Does the likelihood function for the Poisson distribution integrate to 1

The above image shows a Poisson distribution for different values of the mean $\lambda$. If I was to fix a value of $k$ (say $k=3$) and sum over the different $\lambda$, is it true that $\sum_{\lambda}P(X=k| \lambda) = 1$?

If not, is there an obvious way to adapt this distribution so that this property is satisfied?

• since $\lambda \in \mathbb{R}_+$ your summation is done for inifinitely many $\lambda$. since you are summing up only positive terms, you can easily create a counterexample to your assertion. you have $\sum_k P(X=k|\lambda) = 1$ for all $\lambda$ but $\sum_\lambda P(X=k|\lambda) \to \infty$ for all $k$ – chRrr Nov 9 '17 at 16:21
• Likelihood functions don't sum (/ integrate) to 1 in general. – Glen_b Nov 9 '17 at 16:49
• In general not, but in this case, they appear to. I ran a quick matlab script and it appears this is true, but the mathematical proof of why isn't obvious to me at all. – MikeP Nov 9 '17 at 17:01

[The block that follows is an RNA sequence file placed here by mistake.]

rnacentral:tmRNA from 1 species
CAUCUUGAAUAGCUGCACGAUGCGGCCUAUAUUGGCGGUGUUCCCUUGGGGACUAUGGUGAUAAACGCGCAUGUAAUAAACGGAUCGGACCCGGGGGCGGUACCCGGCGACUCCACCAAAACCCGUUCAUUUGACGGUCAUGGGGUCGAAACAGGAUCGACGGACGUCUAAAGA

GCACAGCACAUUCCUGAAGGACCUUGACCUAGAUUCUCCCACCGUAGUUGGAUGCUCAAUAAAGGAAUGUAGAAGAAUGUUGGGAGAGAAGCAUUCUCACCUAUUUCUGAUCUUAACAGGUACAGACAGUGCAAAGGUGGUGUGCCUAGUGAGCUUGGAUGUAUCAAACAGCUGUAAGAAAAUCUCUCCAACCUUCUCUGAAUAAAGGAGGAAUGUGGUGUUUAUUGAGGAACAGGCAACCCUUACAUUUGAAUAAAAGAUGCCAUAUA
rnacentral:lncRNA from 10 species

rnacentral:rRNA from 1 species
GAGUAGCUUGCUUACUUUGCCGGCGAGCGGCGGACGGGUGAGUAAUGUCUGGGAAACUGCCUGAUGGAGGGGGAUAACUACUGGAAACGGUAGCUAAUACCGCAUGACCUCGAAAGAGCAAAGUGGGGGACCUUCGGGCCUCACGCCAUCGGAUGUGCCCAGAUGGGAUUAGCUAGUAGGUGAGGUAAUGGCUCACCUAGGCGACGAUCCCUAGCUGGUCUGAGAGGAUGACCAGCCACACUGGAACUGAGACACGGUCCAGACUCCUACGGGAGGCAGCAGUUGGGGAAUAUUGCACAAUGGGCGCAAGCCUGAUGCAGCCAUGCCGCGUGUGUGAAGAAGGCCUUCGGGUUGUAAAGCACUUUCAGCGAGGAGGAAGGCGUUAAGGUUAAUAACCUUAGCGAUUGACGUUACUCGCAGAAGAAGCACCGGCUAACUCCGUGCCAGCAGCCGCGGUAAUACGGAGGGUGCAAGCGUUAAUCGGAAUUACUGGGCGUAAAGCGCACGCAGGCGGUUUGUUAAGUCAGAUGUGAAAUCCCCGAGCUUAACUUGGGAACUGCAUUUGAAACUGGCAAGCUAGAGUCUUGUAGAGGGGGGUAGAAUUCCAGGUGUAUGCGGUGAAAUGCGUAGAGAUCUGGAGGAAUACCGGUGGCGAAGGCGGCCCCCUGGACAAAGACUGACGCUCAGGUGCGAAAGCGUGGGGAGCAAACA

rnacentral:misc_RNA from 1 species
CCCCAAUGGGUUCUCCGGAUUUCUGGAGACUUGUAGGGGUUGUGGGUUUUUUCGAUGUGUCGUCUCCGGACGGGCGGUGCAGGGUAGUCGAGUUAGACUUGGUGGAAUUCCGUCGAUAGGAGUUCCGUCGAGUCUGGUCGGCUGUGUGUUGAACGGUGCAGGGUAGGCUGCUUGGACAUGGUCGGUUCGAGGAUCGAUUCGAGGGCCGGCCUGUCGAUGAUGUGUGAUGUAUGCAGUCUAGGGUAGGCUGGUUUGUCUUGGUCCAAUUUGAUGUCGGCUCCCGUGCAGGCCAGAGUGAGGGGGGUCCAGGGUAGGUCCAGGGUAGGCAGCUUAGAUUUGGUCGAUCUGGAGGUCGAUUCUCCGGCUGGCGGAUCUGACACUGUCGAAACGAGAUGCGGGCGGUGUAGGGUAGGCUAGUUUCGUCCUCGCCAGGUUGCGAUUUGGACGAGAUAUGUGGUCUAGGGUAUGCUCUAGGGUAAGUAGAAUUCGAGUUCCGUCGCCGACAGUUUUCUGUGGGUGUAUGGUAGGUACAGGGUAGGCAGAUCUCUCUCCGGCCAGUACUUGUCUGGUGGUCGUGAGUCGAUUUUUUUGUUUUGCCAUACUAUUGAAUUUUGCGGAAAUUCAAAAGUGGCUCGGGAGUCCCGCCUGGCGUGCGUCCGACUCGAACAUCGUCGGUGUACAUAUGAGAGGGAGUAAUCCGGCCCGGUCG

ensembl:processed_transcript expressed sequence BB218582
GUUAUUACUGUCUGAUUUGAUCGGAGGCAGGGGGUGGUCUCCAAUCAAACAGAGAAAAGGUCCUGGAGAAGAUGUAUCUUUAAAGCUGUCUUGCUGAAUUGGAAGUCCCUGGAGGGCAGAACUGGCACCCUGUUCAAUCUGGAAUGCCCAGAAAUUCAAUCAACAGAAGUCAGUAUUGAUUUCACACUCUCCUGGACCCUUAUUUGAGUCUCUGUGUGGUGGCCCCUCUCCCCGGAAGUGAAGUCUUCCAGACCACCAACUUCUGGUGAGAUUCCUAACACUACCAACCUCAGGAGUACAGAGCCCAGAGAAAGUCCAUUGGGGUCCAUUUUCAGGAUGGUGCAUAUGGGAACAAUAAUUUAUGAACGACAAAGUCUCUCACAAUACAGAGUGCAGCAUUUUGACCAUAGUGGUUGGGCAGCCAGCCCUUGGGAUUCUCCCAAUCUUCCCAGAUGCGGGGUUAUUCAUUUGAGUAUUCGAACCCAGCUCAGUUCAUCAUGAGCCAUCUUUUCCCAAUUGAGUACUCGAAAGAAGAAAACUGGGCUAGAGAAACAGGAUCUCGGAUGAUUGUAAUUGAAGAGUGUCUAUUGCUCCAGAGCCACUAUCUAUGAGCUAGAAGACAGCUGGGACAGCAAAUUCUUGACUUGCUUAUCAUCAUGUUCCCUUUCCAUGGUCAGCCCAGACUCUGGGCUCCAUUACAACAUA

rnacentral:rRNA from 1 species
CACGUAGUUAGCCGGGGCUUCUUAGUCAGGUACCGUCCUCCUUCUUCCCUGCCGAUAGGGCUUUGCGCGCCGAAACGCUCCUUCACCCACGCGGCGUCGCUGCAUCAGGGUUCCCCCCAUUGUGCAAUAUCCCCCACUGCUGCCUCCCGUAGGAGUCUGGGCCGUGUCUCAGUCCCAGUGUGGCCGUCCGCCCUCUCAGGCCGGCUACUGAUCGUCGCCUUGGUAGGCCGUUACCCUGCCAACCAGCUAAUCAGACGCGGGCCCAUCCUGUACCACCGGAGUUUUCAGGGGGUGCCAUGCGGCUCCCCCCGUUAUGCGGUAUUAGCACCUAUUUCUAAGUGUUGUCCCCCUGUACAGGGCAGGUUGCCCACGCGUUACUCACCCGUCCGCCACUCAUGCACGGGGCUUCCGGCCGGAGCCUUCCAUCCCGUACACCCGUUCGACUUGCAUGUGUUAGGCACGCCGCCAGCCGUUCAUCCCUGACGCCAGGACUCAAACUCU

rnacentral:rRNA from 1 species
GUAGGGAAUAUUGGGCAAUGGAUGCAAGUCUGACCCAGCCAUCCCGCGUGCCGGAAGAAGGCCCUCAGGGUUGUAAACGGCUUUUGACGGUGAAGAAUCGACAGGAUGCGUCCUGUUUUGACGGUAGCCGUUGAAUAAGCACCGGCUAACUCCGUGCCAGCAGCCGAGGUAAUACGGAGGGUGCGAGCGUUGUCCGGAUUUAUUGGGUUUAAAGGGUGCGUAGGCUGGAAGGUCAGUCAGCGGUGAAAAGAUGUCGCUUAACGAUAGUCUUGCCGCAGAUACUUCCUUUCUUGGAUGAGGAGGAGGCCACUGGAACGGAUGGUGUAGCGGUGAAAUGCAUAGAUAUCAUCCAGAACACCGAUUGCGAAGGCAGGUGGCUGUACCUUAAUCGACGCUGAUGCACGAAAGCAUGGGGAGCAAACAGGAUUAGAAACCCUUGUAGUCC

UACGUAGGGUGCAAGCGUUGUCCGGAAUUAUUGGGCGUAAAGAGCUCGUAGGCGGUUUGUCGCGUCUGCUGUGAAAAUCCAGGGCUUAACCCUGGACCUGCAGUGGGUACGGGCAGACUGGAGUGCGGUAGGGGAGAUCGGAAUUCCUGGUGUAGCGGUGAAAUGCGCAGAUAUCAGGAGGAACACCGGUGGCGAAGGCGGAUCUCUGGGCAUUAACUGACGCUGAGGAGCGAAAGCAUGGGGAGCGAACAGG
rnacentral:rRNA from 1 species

• @JohnDoe, yes, exactly!!! – MikeP Nov 9 '17 at 17:39
• A more useful and specific title would be mention the property here, like "Does the likelihood function for the Poisson distribution integrate to 1?" (As @glen_b this doesn't happen in general) – Silverfish Nov 9 '17 at 18:17

Besides my comment, the claim is true if you replace the sum with an integral (which makes more sense). Indeed, one can show that for all $k \in \mathbb{N}$: $$\int_0^\infty P(X=k|\lambda)\,d\lambda = \int_0^\infty \frac{\lambda^kexp(-\lambda)}{k!}\,d\lambda = \frac{\Gamma(k+1)}{k!} = \frac{k!}{k!} =1.$$ In fact, the gamma function is already defined by $\Gamma(x) = \int_0^\infty \lambda^{x-1}\exp(-\lambda)\, d\lambda$. Moreover it is well known that $\Gamma(k+1) = k!$ if $k \in \mathbb{N}$.
• Do you maybe know of other probability distributions which satisfy the condition that the likelihood function integrates to $1$? – John Doe Jan 22 '18 at 10:36